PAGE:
I had a lot to write about today. People have holiday events they want to tell people about and I have a zillion e-mails to sift through. The news of the shootings in Sandy Hook, Connecticut has put most of this on the back burner. I spent the summers of my youth in Sandy Hook. When school started the Lewis clan would return to the city and we’d only go up on weekends. Eventually the winter snows and extreme cold had us close the house up until the thaw. On warm summer days my younger brother and I would hike the 2 miles to town without fear, without much thought except for the grass and wind and trees and birds. There were farms back then, and deep woods.
Some days were spent doing archeological digs in ancient stone foundations. We’d find pottery shards and rusted tools and such and these treasures mixed with the natural treasures all around made for an idyllic childhood. We’d steal some corn, we’d harass a bull, pet cows, identify the names of the birds and trees. We’d get in trouble with bees. We’d get lost and somehow always find our way home. Our cat often came with us on our ventures. Sometimes we’d swing on vines into the great Lake Zoar.
The town itself was a couple hundred feet long. There was a small stable back then and a hardware store and places to buy household things. Not much else. A small fast stream with a little bridge over it split the burg. We’d sit on rocks in the middle and try to catch fish with aquarium nets. We never did. Once a copperhead came up next to me and my cousin Ron chased it away.
Sandy Hook is a little town next to Newtown another mile or so up the road. In Newtown the main drag is lined with beautiful ancient home s and centuries-old trees. The police station, the mayor, and all the municipality offices are in a big building called Town Hall. They still show movies there. In my youth it was a quarter or 35 cents and offered up family fare. One kid might pay the ticket price and open up a side door to let the gang in. The whole town would show up on a Saturday night for a picture of note and there would be shorts and previews and lots of small and big talk before and after.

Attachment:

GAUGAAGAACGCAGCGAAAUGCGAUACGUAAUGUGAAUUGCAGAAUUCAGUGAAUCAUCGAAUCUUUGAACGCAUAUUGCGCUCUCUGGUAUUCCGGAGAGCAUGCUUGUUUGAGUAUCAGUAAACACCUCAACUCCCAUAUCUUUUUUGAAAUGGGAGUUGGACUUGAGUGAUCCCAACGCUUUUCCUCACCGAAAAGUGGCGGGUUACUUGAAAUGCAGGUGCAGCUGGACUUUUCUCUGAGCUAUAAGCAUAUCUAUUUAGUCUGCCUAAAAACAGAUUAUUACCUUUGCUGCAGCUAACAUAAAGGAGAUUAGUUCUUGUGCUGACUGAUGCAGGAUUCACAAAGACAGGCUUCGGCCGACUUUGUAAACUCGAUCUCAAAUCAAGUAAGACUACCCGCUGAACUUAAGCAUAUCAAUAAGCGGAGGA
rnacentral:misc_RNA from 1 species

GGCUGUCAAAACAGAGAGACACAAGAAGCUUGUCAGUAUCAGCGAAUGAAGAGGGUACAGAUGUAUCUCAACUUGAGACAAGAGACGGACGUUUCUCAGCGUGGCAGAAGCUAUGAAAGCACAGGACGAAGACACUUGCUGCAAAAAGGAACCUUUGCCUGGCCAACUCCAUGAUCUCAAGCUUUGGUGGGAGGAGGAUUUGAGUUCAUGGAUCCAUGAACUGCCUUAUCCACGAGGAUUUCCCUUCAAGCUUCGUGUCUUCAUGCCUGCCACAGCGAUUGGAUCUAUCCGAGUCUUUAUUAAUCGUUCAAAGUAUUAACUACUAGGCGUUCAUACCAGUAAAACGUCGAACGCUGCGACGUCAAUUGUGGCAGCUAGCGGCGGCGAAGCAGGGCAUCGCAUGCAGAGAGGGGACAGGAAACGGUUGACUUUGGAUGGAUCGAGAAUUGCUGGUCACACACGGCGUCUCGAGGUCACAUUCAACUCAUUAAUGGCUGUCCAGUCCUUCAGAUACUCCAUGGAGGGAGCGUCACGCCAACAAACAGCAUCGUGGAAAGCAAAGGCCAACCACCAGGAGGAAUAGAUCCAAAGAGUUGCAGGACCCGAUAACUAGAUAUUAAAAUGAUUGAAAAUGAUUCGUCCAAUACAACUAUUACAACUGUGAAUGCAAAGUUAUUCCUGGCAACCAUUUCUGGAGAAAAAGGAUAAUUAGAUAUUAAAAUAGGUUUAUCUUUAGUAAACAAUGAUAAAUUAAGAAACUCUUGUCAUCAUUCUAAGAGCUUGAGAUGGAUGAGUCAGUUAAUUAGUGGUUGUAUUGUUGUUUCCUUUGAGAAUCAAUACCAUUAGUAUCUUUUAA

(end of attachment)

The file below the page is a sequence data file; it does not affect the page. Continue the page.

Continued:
Sandy Hook/Newtown is a place that can’t make the news. It’s designed not to. I go back every year to have a look. I’ll stop by the old house and smell the forest and have a pizza at Lorenzo’s, where buckets still collect the drips from a leaky roof . It’s right by the big lake and smells of rotting leaves and the creatures that live in them. The food isn’t too great and the service a little slow but it’s just perfect. We’d hike down there most evenings to get a Slim Jim or Sugar Daddy. Bad things, bad people never reached our neck of the woods. But here we are with lots of dead people and the tranquility gone forever. Anyway, just rambling on as I try to wrap myself around this. My thoughts and prayers to those in harm’s way.
I promised a few mentions. Tomrrow brunch at Yotel (570 10th Avenue) which is celebrating Hollardazed with music by AndrewAndrew, performances by The Glamazons with hosts Epiphany and Chris Torres. The shindig is brought to you by the dapper Errickson Wilcox and the seductive Roxy Cottontail. There’s going to be balloon art and a blind contour artist. Tonight Frankie Sharp that man about town is bringing back for one night only Everything at Bedlam (40 Avenue C). There will be live shows by the House of Ladosha. The soiree is hosted by Patricia Fields and Jordan Fox. I highly recommend checking out Murray Hill’s A MURRAY LITTLE CHRISTMAS tomorrow night December 15th at Le Poisson Rouge (158 Bleecker Street). Murray is the real deal and this is a can’t-miss event.
I must note that tomorrow marks the birthday of my dearly departed friend Arthur Weinstein. Arthur was a club owner, a lighting designer, a photographer, an artist, a father, a husband, and a friend. He was a rogue warrior of a glorious downtown era. He taught me everything I know but not everything he knew. He was a mentor and a mensch. I miss him every day.